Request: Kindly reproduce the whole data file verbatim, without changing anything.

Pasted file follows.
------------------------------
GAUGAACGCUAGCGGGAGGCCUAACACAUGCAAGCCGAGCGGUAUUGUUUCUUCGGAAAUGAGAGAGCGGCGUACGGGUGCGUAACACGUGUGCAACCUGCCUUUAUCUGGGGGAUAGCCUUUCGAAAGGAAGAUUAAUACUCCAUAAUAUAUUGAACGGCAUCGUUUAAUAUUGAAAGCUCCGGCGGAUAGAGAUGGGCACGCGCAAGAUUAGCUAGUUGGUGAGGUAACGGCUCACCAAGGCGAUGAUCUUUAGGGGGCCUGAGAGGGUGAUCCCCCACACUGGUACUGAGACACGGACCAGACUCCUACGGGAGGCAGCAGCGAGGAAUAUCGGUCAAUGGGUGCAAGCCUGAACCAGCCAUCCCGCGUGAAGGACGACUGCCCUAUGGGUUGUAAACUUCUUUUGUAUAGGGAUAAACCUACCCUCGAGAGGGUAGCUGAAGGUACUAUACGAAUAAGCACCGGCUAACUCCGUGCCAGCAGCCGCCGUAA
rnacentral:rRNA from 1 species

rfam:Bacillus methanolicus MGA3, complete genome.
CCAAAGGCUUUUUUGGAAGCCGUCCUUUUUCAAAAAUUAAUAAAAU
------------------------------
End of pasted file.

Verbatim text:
GAUGAACGCUAGCGGGAGGCCUAACACAUGCAAGCCGAGCGGUAUUGUUUCUUCGGAAAUGAGAGAGCGGCGUACGGGUGCGUAACACGUGUGCAACCUGCCUUUAUCUGGGGGAUAGCCUUUCGAAAGGAAGAUUAAUACUCCAUAAUAUAUUGAACGGCAUCGUUUAAUAUUGAAAGCUCCGGCGGAUAGAGAUGGGCACGCGCAAGAUUAGCUAGUUGGUGAGGUAACGGCUCACCAAGGCGAUGAUCUUUAGGGGGCCUGAGAGGGUGAUCCCCCACACUGGUACUGAGACACGGACCAGACUCCUACGGGAGGCAGCAGCGAGGAAUAUCGGUCAAUGGGUGCAAGCCUGAACCAGCCAUCCCGCGUGAAGGACGACUGCCCUAUGGGUUGUAAACUUCUUUUGUAUAGGGAUAAACCUACCCUCGAGAGGGUAGCUGAAGGUACUAUACGAAUAAGCACCGGCUAACUCCGUGCCAGCAGCCGCCGUAA
rnacentral:rRNA from 1 species

rfam:Bacillus methanolicus MGA3, complete genome.
CCAAAGGCUUUUUUGGAAGCCGUCCUUUUUCAAAAAUUAAUAAAAU